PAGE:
During the past two decades as well as during the ongoing process of evaluating the Drinking Water Directive, quality assurance for products and materials used in the drinking water sector has been targeted again and again as these products are closely linked to consumer health protection. The affected industry and regulatory bodies already spoke out for uniform implementation of Article 10 of the Drinking Water Directive from 1998 at an event for the associations EurEau, the European Copper Institute, Plastics Europe and Aqua Europa in 2015. On the 12th of May of this year, the current state of the various initiatives for enforcing a European solution will be presented in addition to a new study by the “Environment” Directorate-General of the European Commission at a follow-up event in Brussels.
Article 10 of the Drinking Water Directive demands that member states guarantee the hygienic safety of materials and products that come into contact with drinking water. However, appropriate consensus and implementation at the European level also require a common agreement concerning their free market access. Until now, there has not been any legislative framework whatsoever which takes both of these aspects into account.
In light of this, a group of European associations – the European Union of National Associations of Water Suppliers (EurEau), Plastics Europe as well as Aqua Europa as an association for the manufacturers of products in the drinking water sector and the European Copper Institute (ECI) – discussed possible solutions together with the industry and both national and EU regulatory authorities at a relevant session in May 2015. There, it became clear that the necessity for all parties to pursue a common path enjoys a high level of priority. The discussion was continued throughout the year, which resulted in improved mutual understanding for the needs of the others and a clear catalogue of requirements. This, in turn, now serves as a starting point for the EU Commission’s other activities.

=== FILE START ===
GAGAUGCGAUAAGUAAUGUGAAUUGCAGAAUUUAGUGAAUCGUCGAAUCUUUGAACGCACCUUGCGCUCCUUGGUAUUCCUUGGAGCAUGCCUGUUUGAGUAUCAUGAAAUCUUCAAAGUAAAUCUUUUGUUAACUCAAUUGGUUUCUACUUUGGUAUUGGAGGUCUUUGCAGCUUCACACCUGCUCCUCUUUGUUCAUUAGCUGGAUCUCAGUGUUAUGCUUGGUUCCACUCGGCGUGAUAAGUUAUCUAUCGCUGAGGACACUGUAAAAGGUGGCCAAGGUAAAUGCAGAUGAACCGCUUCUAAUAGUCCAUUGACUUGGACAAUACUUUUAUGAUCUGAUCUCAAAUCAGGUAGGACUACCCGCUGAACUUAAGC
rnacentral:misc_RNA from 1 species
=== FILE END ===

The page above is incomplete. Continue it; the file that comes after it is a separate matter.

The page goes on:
Progress was made but the goal has not yet been reached. In the planned update event in Brussels, the intention is to continue the dialogue more rigorously and find goal-oriented solutions.
The German Copper Institute (Deutsches Kupferinstitut Berufsverband e.V.) has assumed the task of administrative support again for the event in 2016. For many years, the German Copper Institute has been responsible for the tasks in the drinking water sector at the request of the European Copper Institute (ECI) and the European semi-finished copper industry and also represents this important sector accordingly while also taking all involved parties into consideration.
It is still possible to register for the one-day event until 4 May 2016. Further information can be obtained on the website or by writing to email@example.com.
The event is free for employees of the national or European regulatory sector; industry representatives have a fee of €290.00.